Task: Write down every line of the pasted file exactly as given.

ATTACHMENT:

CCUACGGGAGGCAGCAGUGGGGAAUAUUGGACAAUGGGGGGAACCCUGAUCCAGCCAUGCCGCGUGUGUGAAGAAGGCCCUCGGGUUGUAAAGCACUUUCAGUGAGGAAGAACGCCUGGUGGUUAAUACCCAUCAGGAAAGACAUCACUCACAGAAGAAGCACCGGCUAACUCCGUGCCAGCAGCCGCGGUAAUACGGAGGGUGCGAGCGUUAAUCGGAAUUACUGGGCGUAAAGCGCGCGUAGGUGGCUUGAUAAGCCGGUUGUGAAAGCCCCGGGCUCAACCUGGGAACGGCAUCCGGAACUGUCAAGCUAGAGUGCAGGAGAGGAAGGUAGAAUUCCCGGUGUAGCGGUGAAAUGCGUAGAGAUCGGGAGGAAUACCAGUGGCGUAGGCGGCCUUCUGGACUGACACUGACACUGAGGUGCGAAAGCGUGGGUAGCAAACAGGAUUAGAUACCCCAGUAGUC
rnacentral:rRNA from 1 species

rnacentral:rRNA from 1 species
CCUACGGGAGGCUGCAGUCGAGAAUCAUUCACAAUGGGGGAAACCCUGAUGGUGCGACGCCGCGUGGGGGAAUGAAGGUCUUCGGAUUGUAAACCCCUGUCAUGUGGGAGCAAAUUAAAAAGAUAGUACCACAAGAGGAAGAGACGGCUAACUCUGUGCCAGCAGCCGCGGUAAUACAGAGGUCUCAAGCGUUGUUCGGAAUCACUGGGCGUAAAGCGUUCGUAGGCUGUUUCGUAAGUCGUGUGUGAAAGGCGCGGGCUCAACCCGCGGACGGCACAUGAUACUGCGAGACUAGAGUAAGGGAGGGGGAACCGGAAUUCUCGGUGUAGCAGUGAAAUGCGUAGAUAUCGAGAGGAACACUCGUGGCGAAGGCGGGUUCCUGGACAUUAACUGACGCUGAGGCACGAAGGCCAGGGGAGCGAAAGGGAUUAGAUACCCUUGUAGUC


CCUACGGGAGGCAGCAGUGGGGAAUAUUGGACAAUGGGGGGAACCCUGAUCCAGCCAUGCCGCGUGUGUGAAGAAGGCCCUCGGGUUGUAAAGCACUUUCAGUGAGGAAGAACGCCUGGUGGUUAAUACCCAUCAGGAAAGACAUCACUCACAGAAGAAGCACCGGCUAACUCCGUGCCAGCAGCCGCGGUAAUACGGAGGGUGCGAGCGUUAAUCGGAAUUACUGGGCGUAAAGCGCGCGUAGGUGGCUUGAUAAGCCGGUUGUGAAAGCCCCGGGCUCAACCUGGGAACGGCAUCCGGAACUGUCAAGCUAGAGUGCAGGAGAGGAAGGUAGAAUUCCCGGUGUAGCGGUGAAAUGCGUAGAGAUCGGGAGGAAUACCAGUGGCGUAGGCGGCCUUCUGGACUGACACUGACACUGAGGUGCGAAAGCGUGGGUAGCAAACAGGAUUAGAUACCCCAGUAGUC
rnacentral:rRNA from 1 species

rnacentral:rRNA from 1 species
CCUACGGGAGGCUGCAGUCGAGAAUCAUUCACAAUGGGGGAAACCCUGAUGGUGCGACGCCGCGUGGGGGAAUGAAGGUCUUCGGAUUGUAAACCCCUGUCAUGUGGGAGCAAAUUAAAAAGAUAGUACCACAAGAGGAAGAGACGGCUAACUCUGUGCCAGCAGCCGCGGUAAUACAGAGGUCUCAAGCGUUGUUCGGAAUCACUGGGCGUAAAGCGUUCGUAGGCUGUUUCGUAAGUCGUGUGUGAAAGGCGCGGGCUCAACCCGCGGACGGCACAUGAUACUGCGAGACUAGAGUAAGGGAGGGGGAACCGGAAUUCUCGGUGUAGCAGUGAAAUGCGUAGAUAUCGAGAGGAACACUCGUGGCGAAGGCGGGUUCCUGGACAUUAACUGACGCUGAGGCACGAAGGCCAGGGGAGCGAAAGGGAUUAGAUACCCUUGUAGUC